High-quality RCT, evaluating the impact of any mode of exercise intervention after surgical or interventional heart valve correction, is missing. The few available data, mostly from small RCT and cohort studies, report results from heterogenic measures, with regard to patient profile75 as well as type and duration of intervention.76,77 Qualitatively sufficient evidence-based data on exercise-related adverse events, mortality, QoL, symptoms, and reversible LV remodeling are not yet available.75 However, the results of a large registry study (>40 000 patients post–open valve surgery) show that participation in exercise-based CR (32 sessions) is associated with a lower 1-yr cumulative hospital stay and a lower risk of death after valve surgery.78 The feasibility, efficacy, and safety of adapted RT in VHD patients are insufficiently studied. Considering the high prevalence of frailty and the reduced physical performance in older patients after valve procedure, RT would be a conceivable exercise modality to counteract the loss of muscle strength, muscle mass, and physical frailty.79 In a small RCT including patients with transcatheter aortic valve implantation, 8-wk combined AT and RT led to an increase in exercise capacity and muscle strength compared with the control group.80 In a second RCT,74,81 the effects of additional RT and balance training during CR in elderly patients after valve surgery or intervention compared with usual care CR were evaluated. The results revealed improvements in exercise capacity, mobility, SPPB, 5-m walk test, leg strength, QoL, and frailty levels in both groups with no difference between groups. The improvements achieved were sustained over 3-mo follow-up. Interestingly, a significant difference in frailty levels in favor of the intervention was reported at 3-mo follow-up. This could be a result of higher levels of physical activity after CR since members of the intervention group spent significantly more time in daily physical activity during follow-up than control.74,81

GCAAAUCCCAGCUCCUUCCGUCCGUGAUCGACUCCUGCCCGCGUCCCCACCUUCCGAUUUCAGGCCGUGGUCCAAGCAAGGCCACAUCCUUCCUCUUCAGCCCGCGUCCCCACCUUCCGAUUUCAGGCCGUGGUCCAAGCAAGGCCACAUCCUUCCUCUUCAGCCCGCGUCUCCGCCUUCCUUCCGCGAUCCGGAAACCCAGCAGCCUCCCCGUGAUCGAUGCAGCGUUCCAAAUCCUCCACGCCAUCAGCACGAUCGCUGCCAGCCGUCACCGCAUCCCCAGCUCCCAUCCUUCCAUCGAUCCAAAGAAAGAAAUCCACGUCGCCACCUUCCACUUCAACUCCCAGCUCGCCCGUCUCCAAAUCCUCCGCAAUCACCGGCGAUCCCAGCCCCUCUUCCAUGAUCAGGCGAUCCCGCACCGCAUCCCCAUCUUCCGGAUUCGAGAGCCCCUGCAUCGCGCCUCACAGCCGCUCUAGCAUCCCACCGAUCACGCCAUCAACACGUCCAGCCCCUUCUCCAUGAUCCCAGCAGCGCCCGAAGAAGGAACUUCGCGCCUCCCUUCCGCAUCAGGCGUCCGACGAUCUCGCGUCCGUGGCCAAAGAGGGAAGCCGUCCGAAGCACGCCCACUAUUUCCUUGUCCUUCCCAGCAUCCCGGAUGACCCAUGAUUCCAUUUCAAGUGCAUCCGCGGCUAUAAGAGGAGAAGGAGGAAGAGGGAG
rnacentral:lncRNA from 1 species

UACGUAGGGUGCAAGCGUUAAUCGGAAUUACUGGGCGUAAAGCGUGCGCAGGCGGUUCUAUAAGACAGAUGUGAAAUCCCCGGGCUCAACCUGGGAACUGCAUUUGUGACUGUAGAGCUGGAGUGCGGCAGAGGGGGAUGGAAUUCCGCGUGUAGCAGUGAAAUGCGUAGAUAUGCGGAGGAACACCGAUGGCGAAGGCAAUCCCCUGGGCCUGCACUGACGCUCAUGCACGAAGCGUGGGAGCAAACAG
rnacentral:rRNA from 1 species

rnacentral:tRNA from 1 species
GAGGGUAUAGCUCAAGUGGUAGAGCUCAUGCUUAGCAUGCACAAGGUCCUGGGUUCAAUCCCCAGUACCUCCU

The results of the few available studies are promising and show that RT is feasible and can help achieve the intended effects on mobility and frailty. High-quality studies, however, are urgently needed to close the gaps in evidence about RT in VHD patients.

DISCUSSION

This review highlights that in recent years, numerous meta-analyses have been published that evaluated the effects and safety of RT in patients with CAD and HFrEF. Overall, the results show that individualized RT at moderate intensity is safe and effective in improving exercise capacity,15,35,37,53–55 mobility,15,53,54 muscle strength,15,34–37,54,57 and QoL.38,39,54 Also, RT does not negatively affect LV systolic function or remodeling.53,55,57 In contrast, there are only a few studies available on patients with HFpEF or VHD. In addition, these studies are mostly small and with a great heterogeneity in terms of patient characteristics and interventions offered. Nevertheless, the results are promising and show that RT is feasible, safe, and effective.52,67,69,74,80,81 More high-quality studies are warranted in these patient cohorts.